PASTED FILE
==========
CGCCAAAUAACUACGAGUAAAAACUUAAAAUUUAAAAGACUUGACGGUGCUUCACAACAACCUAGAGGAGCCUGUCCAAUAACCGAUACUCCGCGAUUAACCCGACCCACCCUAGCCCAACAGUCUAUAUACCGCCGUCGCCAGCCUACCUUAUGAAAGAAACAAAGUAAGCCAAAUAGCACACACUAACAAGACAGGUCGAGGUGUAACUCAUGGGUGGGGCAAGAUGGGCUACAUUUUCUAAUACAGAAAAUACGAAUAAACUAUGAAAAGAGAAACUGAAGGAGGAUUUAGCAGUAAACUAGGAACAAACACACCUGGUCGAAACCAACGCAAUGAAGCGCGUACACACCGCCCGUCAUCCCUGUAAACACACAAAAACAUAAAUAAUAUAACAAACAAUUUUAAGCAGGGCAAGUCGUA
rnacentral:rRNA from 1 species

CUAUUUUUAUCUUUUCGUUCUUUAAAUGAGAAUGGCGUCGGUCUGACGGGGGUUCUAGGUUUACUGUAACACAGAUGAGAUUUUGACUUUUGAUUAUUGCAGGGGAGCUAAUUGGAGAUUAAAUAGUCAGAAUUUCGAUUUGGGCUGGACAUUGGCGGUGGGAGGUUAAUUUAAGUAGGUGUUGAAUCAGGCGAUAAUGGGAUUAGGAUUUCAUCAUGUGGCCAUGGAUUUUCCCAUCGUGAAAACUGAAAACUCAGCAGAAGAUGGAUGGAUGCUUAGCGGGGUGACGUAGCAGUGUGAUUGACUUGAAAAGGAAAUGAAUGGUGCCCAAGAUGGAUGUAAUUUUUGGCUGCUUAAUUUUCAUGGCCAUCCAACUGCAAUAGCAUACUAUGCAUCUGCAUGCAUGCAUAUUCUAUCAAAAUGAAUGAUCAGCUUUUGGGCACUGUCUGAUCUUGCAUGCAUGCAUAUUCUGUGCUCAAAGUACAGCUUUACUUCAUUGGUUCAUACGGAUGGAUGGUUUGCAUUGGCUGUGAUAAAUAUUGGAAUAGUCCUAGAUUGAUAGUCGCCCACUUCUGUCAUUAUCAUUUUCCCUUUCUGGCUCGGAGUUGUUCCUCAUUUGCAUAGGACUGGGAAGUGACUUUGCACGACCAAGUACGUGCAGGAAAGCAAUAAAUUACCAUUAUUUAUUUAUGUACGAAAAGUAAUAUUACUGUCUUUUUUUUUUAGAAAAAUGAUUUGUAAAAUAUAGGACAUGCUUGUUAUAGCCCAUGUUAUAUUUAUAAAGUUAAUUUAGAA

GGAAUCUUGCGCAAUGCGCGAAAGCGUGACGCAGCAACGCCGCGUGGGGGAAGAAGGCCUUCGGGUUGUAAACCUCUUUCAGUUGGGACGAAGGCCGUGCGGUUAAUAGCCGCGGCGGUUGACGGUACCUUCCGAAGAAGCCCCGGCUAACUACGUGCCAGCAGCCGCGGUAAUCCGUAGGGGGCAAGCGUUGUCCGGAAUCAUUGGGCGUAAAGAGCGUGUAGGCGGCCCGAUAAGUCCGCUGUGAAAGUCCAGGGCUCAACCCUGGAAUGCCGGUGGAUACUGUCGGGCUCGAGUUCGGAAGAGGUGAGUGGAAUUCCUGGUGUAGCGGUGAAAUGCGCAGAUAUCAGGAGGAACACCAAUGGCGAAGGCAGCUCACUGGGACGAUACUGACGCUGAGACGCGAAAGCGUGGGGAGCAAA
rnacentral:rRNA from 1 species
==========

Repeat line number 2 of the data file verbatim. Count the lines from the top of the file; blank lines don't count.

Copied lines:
rnacentral:rRNA from 1 species